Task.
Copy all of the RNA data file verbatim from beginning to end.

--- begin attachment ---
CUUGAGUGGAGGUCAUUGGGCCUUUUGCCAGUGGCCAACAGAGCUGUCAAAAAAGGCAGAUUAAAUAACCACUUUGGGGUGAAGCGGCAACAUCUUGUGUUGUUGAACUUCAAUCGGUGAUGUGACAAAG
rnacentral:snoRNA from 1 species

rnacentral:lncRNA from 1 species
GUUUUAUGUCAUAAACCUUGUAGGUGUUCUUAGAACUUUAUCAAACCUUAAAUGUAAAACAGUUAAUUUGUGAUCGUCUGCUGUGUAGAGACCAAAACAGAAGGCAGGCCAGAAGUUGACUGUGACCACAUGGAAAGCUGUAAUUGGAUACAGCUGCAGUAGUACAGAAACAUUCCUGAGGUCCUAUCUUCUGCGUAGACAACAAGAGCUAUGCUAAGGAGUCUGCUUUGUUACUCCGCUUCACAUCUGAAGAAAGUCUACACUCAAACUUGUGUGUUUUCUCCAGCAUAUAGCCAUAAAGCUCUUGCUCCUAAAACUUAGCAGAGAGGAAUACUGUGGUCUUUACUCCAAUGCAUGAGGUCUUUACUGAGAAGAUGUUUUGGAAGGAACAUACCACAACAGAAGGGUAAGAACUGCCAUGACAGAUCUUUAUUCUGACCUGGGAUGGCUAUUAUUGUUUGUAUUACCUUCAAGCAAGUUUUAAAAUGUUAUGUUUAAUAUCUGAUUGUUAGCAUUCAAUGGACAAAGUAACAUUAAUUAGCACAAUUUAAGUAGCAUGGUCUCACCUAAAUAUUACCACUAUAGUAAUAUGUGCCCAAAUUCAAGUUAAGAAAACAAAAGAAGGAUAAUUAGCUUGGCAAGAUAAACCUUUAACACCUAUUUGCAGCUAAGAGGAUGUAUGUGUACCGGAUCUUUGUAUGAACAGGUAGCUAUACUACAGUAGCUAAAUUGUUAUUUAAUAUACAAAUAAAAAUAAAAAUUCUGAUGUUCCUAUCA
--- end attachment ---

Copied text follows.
CUUGAGUGGAGGUCAUUGGGCCUUUUGCCAGUGGCCAACAGAGCUGUCAAAAAAGGCAGAUUAAAUAACCACUUUGGGGUGAAGCGGCAACAUCUUGUGUUGUUGAACUUCAAUCGGUGAUGUGACAAAG
rnacentral:snoRNA from 1 species

rnacentral:lncRNA from 1 species
GUUUUAUGUCAUAAACCUUGUAGGUGUUCUUAGAACUUUAUCAAACCUUAAAUGUAAAACAGUUAAUUUGUGAUCGUCUGCUGUGUAGAGACCAAAACAGAAGGCAGGCCAGAAGUUGACUGUGACCACAUGGAAAGCUGUAAUUGGAUACAGCUGCAGUAGUACAGAAACAUUCCUGAGGUCCUAUCUUCUGCGUAGACAACAAGAGCUAUGCUAAGGAGUCUGCUUUGUUACUCCGCUUCACAUCUGAAGAAAGUCUACACUCAAACUUGUGUGUUUUCUCCAGCAUAUAGCCAUAAAGCUCUUGCUCCUAAAACUUAGCAGAGAGGAAUACUGUGGUCUUUACUCCAAUGCAUGAGGUCUUUACUGAGAAGAUGUUUUGGAAGGAACAUACCACAACAGAAGGGUAAGAACUGCCAUGACAGAUCUUUAUUCUGACCUGGGAUGGCUAUUAUUGUUUGUAUUACCUUCAAGCAAGUUUUAAAAUGUUAUGUUUAAUAUCUGAUUGUUAGCAUUCAAUGGACAAAGUAACAUUAAUUAGCACAAUUUAAGUAGCAUGGUCUCACCUAAAUAUUACCACUAUAGUAAUAUGUGCCCAAAUUCAAGUUAAGAAAACAAAAGAAGGAUAAUUAGCUUGGCAAGAUAAACCUUUAACACCUAUUUGCAGCUAAGAGGAUGUAUGUGUACCGGAUCUUUGUAUGAACAGGUAGCUAUACUACAGUAGCUAAAUUGUUAUUUAAUAUACAAAUAAAAAUAAAAAUUCUGAUGUUCCUAUCA